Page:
Swiss Psychiatrist Carl Jung also recognise deep more spiritual needs. It took an interesting view on addiction and human desire suggesting that they are ultimately a spiritual yearning, a longing for another dimension beyond the material plane. In a letter to Bill W, one of the founders of AA, just before Jung died he wrote about a client, who was a part of the Alcoholics Anonymous story, stating that "His craving for alcohol was the equivalent on a low level of the spiritual thirst of our being for wholeness, expressed in medieval language: the union with God." Interestingly salvation for the alcoholic is not purely an individual thing.

So many folk are thirsting for wholeness Perhaps our yearning, our wants, our needs are an expression of a perceived lack of something; a sense that something is missing, that we are experiencing an emptiness. And that there is a possibility for fulfilment if only we can become clear what the lack is really all about. This is hunger so many feel, wherever they are Maslow’s perceived pyramid. Those who hunger for food hunger for wholeness just as much as those who feel they are achieved their physical and emotional needs.

In “The Book of Awakenings” Mark Nepo seems to agree, he writes “I believe there is a dimension of the inner life that is as imperative and equivalent as food and shelter. Without the fulfillment of these basic inner needs, we are just fed and sheltered bodies void of life. Without love, truth, and compassion, all the comforts of modern life don’t matter, because we are simply reduced to biological machines, not even as present as animals.”

If we only live a life where our basic needs are met first, we will never take the risk to live the best life we can. We will certainly not live from love. We will feel we need to eliminate all the external troubles before we can truly live our lives. Well, there will always be external troubles. Perhaps not a world wide pandemic and all kinds of shortages, but other troubles, that stop us being what we can be in this world and giving what we have for the good of all. We will not live in and from love, we will live from fear until the day comes when we do not live at all.

This is not to say that the basic needs aren’t vitally important. Of course they are. Without basic shelter and food, there is no security. There are enough people in this world struggling just to survive. That said just because they are struggling to survive it does not mean that they are not living the lives that they can, living spiritually alive.

Besides which if we live lives aiming at material security first we may find that this is another hunger, another addiction, that can never be satisfied. We might start to believe that we can never have enough petrol, or toilet paper, or shoes, or cars or holidays in the sun, or whatever it is that we think makes our lives worth living.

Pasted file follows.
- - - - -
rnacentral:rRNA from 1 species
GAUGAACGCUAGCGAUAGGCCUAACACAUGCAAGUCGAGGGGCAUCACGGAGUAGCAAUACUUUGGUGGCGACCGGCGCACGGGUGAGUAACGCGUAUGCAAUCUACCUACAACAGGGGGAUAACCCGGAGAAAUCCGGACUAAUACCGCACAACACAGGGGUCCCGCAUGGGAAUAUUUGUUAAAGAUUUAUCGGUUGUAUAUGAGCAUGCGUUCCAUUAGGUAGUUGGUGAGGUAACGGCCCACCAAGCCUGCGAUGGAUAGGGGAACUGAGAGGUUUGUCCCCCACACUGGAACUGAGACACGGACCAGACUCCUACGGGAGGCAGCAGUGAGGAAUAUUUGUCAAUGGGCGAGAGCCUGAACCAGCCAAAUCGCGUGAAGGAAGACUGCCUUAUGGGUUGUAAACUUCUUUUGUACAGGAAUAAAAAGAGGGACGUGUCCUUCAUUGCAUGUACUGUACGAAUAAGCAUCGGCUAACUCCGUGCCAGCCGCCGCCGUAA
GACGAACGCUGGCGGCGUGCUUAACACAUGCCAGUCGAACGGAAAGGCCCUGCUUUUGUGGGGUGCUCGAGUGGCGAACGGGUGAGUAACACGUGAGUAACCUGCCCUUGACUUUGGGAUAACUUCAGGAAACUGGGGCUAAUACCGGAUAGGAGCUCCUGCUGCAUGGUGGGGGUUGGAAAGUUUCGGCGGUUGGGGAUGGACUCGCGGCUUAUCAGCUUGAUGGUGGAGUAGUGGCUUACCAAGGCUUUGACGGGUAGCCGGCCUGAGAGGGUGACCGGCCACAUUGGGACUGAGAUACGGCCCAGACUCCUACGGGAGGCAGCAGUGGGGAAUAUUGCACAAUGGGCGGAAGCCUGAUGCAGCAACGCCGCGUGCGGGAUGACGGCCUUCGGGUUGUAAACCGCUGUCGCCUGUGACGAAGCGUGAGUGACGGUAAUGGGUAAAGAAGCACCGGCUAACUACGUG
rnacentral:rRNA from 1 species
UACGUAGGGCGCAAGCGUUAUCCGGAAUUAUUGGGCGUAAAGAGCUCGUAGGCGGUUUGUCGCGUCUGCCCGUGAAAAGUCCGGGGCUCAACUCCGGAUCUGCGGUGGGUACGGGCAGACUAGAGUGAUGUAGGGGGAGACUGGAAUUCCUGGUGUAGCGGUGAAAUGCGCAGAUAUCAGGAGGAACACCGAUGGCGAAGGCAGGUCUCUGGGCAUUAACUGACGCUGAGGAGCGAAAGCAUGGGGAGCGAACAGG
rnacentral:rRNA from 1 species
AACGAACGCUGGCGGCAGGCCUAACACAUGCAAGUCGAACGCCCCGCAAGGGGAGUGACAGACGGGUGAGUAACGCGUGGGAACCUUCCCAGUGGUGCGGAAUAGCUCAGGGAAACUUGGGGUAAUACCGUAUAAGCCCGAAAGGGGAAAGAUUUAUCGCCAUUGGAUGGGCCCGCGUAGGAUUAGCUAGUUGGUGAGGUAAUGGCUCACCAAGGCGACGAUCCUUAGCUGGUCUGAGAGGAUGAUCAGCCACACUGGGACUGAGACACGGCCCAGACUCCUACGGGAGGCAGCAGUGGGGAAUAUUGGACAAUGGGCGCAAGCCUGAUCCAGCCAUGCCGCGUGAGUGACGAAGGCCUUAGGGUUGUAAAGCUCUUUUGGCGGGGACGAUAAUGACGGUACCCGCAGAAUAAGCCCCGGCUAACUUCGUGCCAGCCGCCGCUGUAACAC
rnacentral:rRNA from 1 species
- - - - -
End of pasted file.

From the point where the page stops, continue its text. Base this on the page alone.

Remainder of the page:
We can begin to live from love right now, whether our other needs have been fully met or not. As Nepo writes: “Spend whatever you can afford on making love work, bringing true into being, and allow generosity and compassion to flourish. This is more altruistic. It is necessary to be fully alive. It’s part of the wood that keeps that inner fire burning.”

So what is that really need in life? Well I suspect it is a sense that we are wanted need and loved. The problem is that if we simply go seeking that, it is another feeling that can never satisfied, not wholly. Instead what I suspect is needed is for us to become people who invite others to realise that they are wanted, needed and loved as they, exactly as they are in this moment. What the world needs is more people who instead of grasping at everything for fear that someone else will get it; become people who will give of themselves, who will offer the hand of acceptance and love and invite the other as they are, exactly as they. You do not need to be the perfect self actualised individual to achieve this. It can begin right here right now, you can offer such love, before you reach any summit.

We seem so focused on reaching some imagined place or idealised state. We do not need to wait until we have reached Maslow’s self-actualised state before going beyond the limitations of self, to that to a stage in which we seek the fulfilment of others and finally acknowledgement of our responsibilities to help others. We will never reach that stage if all we are seeking is self-actualisation, why because it will still be all about us.

The journey is the gift, there is no real end, this gift is in living this way now. If we live with love in our hearts we might just find our most basic needs being met and those of others too. We might just begin to live a life where we truly realise that we are wanted, needed and loved as we are, exactly as we are in this moment.
Below is a video devotion based on the material in this "Blogspot"